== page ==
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Learn from My Dusty Mistake

In my last post I showed you how to remove spots using the spot removal tool in Lightroom and Camera Raw. After I made the video, it occurred to me that I didn’t show you my most horrifying example of dust on the camera sensor. I took this image in 2004 shortly after I got my first digital SLR. (Click on the image to see it larger — there is much more dust than you can see in this small version!)

dust11

Dust on the Camera Sensor

I didn’t realize back then that it is a very bad idea to change lenses without turning the camera off — the camera has a charge that draws in dust.  So learn from my mistake on this one! I was able to clean up the image, but it took hours.   These days I turn off the camera, and also turn the camera downwards as I replace the lens so that no dust inadvertently falls into it.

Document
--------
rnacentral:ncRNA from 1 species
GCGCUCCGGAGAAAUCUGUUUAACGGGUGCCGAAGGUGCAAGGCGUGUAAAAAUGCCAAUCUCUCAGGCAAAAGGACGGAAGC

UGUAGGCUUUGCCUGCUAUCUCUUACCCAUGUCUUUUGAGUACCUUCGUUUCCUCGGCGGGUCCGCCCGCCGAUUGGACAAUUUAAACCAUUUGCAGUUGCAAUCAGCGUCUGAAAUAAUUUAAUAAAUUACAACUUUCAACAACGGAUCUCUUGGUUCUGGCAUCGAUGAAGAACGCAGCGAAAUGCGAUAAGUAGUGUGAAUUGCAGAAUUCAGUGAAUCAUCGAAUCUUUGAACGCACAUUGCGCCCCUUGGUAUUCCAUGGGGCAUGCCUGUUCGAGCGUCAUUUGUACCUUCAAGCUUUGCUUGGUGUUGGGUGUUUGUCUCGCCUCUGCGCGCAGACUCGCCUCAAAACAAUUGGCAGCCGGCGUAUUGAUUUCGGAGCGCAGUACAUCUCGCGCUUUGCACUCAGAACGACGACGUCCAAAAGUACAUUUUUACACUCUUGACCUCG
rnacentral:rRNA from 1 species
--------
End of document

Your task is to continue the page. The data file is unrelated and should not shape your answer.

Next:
2017-07-09T15:18:08+00:00November 26th, 2008|1 Comment

One Comment

  1. Adam Parker November 29, 2008 at 1:35 pm - Reply

    Yeah, dust is an evil enemy of all DSLR photography. Turning the camera off is always a good idea to remove potential chance of dust on the sensor. There are lots of ways to clean shots up after the fact, but best to avoid the problem in the first place.

    I wrote up about some dust removal techniques and other ways of compensating for dust on the sensor that you may find useful here: http://blogs.adamparkerphotography.com/blog/Ive-got-sensor-dust-what-should-I-do/13/

    Thanks for the post and advice, very solid.

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